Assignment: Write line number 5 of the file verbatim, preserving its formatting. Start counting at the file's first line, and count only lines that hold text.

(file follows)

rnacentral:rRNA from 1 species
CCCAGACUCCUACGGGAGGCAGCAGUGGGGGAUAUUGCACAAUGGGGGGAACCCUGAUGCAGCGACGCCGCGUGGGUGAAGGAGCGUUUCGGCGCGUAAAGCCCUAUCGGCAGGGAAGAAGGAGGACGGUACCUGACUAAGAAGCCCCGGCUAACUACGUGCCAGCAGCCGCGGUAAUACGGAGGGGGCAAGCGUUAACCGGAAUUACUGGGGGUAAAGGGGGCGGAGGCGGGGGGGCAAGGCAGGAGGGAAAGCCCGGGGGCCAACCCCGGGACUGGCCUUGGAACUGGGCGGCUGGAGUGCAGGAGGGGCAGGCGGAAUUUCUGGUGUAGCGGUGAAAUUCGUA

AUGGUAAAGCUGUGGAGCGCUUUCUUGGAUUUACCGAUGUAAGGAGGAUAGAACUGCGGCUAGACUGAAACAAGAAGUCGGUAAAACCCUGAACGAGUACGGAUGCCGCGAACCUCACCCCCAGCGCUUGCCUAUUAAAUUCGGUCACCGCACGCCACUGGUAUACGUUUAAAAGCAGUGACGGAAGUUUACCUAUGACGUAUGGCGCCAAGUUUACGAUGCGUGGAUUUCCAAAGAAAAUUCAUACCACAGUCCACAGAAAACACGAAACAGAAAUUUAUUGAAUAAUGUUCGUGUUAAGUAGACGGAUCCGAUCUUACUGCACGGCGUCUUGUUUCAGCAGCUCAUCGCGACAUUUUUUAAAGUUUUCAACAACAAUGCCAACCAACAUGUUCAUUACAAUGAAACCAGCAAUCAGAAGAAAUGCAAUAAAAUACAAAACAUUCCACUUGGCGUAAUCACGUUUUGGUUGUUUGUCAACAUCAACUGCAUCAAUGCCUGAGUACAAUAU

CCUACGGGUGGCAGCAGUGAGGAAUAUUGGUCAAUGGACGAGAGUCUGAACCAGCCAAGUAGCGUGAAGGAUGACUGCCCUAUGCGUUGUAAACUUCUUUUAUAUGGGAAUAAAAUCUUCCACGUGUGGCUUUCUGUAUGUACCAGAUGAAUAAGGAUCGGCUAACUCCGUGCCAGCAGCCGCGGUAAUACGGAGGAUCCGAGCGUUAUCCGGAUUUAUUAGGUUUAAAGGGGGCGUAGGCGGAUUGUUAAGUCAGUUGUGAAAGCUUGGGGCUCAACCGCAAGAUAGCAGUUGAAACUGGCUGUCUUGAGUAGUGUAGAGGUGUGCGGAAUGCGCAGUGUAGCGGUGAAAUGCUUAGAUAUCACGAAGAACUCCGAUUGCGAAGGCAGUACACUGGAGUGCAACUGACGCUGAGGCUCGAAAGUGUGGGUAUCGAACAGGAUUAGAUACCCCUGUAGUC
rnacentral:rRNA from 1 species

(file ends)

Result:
rnacentral:rRNA from 1 species